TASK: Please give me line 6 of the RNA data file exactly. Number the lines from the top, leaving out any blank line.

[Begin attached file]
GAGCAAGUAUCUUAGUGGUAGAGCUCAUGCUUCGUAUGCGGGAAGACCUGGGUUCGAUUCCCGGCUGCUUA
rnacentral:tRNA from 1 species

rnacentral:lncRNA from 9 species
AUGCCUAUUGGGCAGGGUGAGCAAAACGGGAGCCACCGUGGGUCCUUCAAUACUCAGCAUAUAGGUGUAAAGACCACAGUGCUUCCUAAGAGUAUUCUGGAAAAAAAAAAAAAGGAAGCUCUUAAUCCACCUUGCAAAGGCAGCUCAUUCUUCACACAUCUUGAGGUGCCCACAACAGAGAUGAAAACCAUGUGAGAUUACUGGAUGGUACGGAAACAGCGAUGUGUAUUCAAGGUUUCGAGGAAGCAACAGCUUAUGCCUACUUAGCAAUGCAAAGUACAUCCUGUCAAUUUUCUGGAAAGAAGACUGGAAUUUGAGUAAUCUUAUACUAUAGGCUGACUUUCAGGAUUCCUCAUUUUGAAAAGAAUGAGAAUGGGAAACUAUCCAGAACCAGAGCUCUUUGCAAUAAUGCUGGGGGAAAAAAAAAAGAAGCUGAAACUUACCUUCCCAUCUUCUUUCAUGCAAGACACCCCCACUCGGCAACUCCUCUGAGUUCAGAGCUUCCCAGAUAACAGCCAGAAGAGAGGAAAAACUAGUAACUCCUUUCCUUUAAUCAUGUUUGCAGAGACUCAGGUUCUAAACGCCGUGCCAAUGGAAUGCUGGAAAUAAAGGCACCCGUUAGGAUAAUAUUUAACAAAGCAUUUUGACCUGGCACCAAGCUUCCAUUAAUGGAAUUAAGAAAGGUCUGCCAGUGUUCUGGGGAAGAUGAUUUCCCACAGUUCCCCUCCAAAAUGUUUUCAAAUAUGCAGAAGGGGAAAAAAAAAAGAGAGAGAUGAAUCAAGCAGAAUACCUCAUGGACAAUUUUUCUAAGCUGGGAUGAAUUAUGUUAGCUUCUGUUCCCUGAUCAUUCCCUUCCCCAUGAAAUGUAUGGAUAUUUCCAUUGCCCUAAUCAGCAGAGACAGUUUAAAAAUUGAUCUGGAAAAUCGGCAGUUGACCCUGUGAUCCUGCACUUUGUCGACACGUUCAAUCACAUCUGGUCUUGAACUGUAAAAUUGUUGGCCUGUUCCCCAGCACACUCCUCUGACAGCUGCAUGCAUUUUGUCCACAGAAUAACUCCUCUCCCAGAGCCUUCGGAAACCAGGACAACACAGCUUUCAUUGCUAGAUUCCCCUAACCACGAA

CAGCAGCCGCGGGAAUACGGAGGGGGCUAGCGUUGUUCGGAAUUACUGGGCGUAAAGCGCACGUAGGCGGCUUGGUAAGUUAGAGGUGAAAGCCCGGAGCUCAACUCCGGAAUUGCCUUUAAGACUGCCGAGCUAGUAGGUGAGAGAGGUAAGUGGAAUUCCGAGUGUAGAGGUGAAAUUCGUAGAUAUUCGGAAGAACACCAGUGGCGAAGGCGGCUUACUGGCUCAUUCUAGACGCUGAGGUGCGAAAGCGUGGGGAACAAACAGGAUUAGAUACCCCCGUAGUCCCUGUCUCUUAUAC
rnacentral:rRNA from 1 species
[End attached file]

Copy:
rnacentral:rRNA from 1 species